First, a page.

The Community for Technology Leaders
Principles of Software Evolution, International Workshop on (2004)
Kyoto, Japan
Sept. 6, 2004 to Sept. 7, 2004
ISSN: 1550-4077
ISBN: 0-7695-2211-4
pp: 131-136
Markus Pizka , Technische Universit?t M?nchen, Germany
Andreas Bauer , Technische Universit?t M?nchen, Germany
The decision on whether to proceed top-down or bottom-up during software development has a strong and underestimated impact on the quality of the final product including its later evolvability. Various examples for both strategies taken from such different domains as operating systems and computer games provide evidence that bottom-up developed systems are more suitable for future evolution. The reasons for this range from the increased compositionality of bottom-up developed artefacts at the technical level up to a greater independence from certain requirements which constitute the most transient part of a software system. Besides those advantages concerning evolvability, the negative effects of bottom-up orientation can not be ignored. Furthermore, proceeding bottom-up contradicts most conventional development processes. We regard this as a clear indication for the need of new development processes to improve the construction of evolvable software.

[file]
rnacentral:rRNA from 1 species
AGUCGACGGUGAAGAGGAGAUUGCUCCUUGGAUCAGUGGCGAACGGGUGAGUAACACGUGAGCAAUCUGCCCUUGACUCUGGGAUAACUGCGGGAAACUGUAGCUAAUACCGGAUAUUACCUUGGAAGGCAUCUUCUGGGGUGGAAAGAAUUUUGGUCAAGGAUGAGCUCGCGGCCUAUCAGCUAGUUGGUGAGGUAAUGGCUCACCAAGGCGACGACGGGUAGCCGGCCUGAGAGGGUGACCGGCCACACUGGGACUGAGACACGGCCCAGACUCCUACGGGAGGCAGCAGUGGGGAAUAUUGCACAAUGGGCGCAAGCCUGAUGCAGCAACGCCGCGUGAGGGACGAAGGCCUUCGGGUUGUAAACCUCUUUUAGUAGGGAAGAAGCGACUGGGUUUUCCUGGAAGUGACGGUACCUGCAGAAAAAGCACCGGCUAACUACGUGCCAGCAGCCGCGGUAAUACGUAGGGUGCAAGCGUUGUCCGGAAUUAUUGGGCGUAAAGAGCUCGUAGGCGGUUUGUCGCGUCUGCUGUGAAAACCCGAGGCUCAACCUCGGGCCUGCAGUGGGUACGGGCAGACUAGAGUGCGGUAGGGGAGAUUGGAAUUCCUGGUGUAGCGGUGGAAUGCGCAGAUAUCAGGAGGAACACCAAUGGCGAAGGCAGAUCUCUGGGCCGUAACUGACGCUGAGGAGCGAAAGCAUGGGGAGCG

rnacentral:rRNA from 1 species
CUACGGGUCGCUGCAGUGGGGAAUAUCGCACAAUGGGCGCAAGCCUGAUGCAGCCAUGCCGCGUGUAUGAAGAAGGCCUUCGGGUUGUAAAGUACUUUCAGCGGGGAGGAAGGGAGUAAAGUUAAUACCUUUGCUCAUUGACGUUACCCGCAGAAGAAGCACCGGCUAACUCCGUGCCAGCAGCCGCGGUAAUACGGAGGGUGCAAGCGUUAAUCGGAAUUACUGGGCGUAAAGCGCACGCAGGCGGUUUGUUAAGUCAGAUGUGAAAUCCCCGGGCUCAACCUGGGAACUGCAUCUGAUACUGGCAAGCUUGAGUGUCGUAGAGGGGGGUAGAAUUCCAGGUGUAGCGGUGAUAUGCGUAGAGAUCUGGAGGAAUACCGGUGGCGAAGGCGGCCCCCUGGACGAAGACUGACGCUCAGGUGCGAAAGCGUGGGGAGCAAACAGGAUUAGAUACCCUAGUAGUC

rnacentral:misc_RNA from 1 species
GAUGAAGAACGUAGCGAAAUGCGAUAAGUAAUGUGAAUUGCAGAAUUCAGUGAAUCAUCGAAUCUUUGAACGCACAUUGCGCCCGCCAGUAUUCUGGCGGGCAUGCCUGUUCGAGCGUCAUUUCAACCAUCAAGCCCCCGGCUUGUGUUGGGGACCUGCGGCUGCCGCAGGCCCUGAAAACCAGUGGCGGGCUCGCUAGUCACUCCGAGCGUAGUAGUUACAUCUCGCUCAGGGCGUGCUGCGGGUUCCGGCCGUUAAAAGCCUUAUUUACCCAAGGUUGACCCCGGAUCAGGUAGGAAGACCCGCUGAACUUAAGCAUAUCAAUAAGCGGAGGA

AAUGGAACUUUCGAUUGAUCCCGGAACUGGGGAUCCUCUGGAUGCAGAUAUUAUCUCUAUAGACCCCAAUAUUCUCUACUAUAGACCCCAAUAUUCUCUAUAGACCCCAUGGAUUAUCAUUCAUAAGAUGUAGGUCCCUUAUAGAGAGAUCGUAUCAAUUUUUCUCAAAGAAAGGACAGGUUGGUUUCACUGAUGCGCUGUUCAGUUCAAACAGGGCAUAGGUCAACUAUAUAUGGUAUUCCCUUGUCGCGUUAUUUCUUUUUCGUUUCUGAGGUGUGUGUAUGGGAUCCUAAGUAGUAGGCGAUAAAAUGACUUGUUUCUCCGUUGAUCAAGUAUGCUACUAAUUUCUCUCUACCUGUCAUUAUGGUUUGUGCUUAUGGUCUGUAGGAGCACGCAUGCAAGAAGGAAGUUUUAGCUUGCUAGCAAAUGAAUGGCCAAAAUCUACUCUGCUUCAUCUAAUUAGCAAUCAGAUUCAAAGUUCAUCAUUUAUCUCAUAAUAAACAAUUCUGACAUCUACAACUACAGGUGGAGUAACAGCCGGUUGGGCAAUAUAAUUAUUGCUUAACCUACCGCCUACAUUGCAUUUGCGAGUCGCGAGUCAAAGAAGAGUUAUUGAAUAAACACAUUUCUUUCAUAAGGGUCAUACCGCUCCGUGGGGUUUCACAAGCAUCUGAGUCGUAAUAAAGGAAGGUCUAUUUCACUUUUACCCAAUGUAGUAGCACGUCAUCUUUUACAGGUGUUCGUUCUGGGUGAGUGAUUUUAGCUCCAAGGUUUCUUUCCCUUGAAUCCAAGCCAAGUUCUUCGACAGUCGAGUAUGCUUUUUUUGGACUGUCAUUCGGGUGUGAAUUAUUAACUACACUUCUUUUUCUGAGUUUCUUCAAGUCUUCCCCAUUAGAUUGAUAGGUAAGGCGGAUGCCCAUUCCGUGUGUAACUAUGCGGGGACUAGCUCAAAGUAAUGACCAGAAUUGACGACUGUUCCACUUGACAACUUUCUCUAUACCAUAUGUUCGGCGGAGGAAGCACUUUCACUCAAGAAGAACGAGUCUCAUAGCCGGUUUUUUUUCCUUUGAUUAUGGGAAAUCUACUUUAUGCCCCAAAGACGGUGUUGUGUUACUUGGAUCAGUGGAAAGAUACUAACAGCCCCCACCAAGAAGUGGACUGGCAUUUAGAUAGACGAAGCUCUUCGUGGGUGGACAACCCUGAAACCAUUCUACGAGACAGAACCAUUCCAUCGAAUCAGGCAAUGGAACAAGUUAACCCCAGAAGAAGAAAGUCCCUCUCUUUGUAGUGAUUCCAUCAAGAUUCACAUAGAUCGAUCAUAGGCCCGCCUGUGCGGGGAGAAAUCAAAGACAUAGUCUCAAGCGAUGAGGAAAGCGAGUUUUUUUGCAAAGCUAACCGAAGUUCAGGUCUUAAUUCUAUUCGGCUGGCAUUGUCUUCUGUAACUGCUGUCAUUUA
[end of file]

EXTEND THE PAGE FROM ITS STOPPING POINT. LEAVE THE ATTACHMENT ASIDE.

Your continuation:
Markus Pizka, Andreas Bauer, "A Brief Top-Down and Bottom-Up Philosophy on Software Evolution", Principles of Software Evolution, International Workshop on, vol. 00, no. , pp. 131-136, 2004, doi:10.1109/IWPSE.2004.1334777
93 ms
(Ver 3.3 (11022016))